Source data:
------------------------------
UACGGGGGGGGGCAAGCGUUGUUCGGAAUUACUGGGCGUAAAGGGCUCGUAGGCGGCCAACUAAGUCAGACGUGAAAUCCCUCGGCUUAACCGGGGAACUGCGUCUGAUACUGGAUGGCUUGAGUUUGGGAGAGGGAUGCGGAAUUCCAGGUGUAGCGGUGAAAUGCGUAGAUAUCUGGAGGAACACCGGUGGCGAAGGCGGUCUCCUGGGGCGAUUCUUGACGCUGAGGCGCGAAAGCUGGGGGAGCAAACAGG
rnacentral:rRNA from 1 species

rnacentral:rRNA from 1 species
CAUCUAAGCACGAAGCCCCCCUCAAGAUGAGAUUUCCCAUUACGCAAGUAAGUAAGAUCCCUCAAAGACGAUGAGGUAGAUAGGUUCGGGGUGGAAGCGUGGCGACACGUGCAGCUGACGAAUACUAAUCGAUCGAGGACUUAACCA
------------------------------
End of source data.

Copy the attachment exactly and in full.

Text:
UACGGGGGGGGGCAAGCGUUGUUCGGAAUUACUGGGCGUAAAGGGCUCGUAGGCGGCCAACUAAGUCAGACGUGAAAUCCCUCGGCUUAACCGGGGAACUGCGUCUGAUACUGGAUGGCUUGAGUUUGGGAGAGGGAUGCGGAAUUCCAGGUGUAGCGGUGAAAUGCGUAGAUAUCUGGAGGAACACCGGUGGCGAAGGCGGUCUCCUGGGGCGAUUCUUGACGCUGAGGCGCGAAAGCUGGGGGAGCAAACAGG
rnacentral:rRNA from 1 species

rnacentral:rRNA from 1 species
CAUCUAAGCACGAAGCCCCCCUCAAGAUGAGAUUUCCCAUUACGCAAGUAAGUAAGAUCCCUCAAAGACGAUGAGGUAGAUAGGUUCGGGGUGGAAGCGUGGCGACACGUGCAGCUGACGAAUACUAAUCGAUCGAGGACUUAACCA